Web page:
Q: I have a nissan Altima 2008 sedan, Yesterday I was almost running empty so I fueled up at Shell gas station. As soon as I pulled o

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I have a nissan Altima 2008 sedan, Yesterday I was almost running empty so I fueled up at Shell gas station. As soon as I pulled out, the car engine started getting hick-ups/struggling. I slowly drove home and parked the car. In the process, If I put the car in reverse, the car would turn off. This morning, I went to the car to check and the car wont even start now. Any suggestions/diagnosis? Thank You

My car has 130000 miles.
My car has an automatic transmission.

Inasmuch as the problem started immediately after you bought gasoline, it is possible the gasoline is contaminated. As a preliminary matter, you might call or visit the station and ask if anyone else contacted the station with a similar problem. If the gas is bad, at minimum, the tank will have to be completely drained. Bad gas is speculative but obviously is a possibility because you are stating that this problem happened immediately after filling an empty tank.


If the issue is NOT bad gas, this would be diagnosed as an ordinary no start fault with one departure which is to first check to see if the in tank fuel pump is pressurizing at key "on". Have an assistant turn the key to the "on" position (NOT "start", just "on") while you listen right at the fuel tank. You should hear the momentary "whir" of the fuel pump as it pressurizes the system at the instant the key is turned "on". If you hear nothing, you may have a dead fuel pump.


Check to see if there are any stored diagnostic trouble codes. Be sure you have a fully, 100% charged battery that passes a load test. Confirm that the engine immobilizer system (security system) is not activated thus preventing the car from starting. If the immobilizer system is on, you may see a security warning light. If the warning light is on, to temporarily override the immobilizer system, see these instructions. If the starter motor does work and the engine cranks at adequate RPM, be sure there is adequate fuel pressure, injector operation, and a spark at the spark plugs. Basically, if the starter motor is turning the engine over rapidly, at sufficient RPM, but the engine does not catch and run, that means that there is an ignition, fuel, air induction, or mechanical fault in the engine that will have to be repaired. Strictly speaking, if there is fresh fuel being delivered by the injectors (not just "to" the injectors) and the ignition system is working, that means that the air fuel ratio of the mixture delivered to the cylinders is so far off that the mixture just won’t ignite. Such could be due to a big vacuum leak, an air induction fault like a stuck idle air control valve or, considering fuel, could be due to a failed temperature sensor that must be working properly to signal the PCM to enrich the mixture on cold start. Other common faults are defective spark plugs or a defective coil.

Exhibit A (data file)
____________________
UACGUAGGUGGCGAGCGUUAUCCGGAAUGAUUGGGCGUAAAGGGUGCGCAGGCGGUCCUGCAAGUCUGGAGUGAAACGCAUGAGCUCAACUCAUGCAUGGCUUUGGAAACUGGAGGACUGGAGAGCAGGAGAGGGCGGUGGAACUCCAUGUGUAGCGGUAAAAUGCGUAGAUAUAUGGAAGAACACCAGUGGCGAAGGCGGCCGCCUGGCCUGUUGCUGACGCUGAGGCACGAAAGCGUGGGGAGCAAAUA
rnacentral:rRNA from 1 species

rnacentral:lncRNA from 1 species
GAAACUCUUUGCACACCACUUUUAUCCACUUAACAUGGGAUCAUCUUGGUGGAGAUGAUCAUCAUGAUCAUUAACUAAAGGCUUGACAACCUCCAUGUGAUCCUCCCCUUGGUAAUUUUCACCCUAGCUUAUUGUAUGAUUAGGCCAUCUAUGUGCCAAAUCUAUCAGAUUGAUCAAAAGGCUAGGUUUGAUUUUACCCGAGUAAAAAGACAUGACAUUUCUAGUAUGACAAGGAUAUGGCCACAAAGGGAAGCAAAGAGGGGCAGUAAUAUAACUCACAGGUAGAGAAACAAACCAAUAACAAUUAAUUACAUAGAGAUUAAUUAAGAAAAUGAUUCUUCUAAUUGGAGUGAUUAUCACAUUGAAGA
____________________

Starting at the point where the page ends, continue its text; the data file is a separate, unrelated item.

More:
If your circumstance is that there is no starter motor operation at all, that is if there is no starter operation with the key held in the "start" position, the procedure is to test for power and voltage drops to the starter motor/solenoid. If there is no power, or a large voltage drop is measured, then the electrical circuit supplying the motor has a fault. That circuit begins at the battery and includes grounds, wiring (some of which is very heavy cabling), fuses, relays, the ignition switch, neutral start switch, and terminations. Basically, with a fully charged battery, and with the key held in the "start" position, the starter is either getting power or it isn’t. With the key in the "start" position, if the starter motor is getting power but the starter doesn’t work, then the starter is condemned and replaced. Note that starters can and sometimes do develop intermittent faults due to bad spots on the armature. The bottom line is if there is battery voltage to the starter (and no excessive voltage drop) and yet the starter doesn’t work, it’s dead. Regardless of the underlying cause, if you request a no start diagnostic the responding certified mechanic will get the problem diagnosed and repaired for you promptly. Please let us know if you have further concerns or questions as we are always here to help you.

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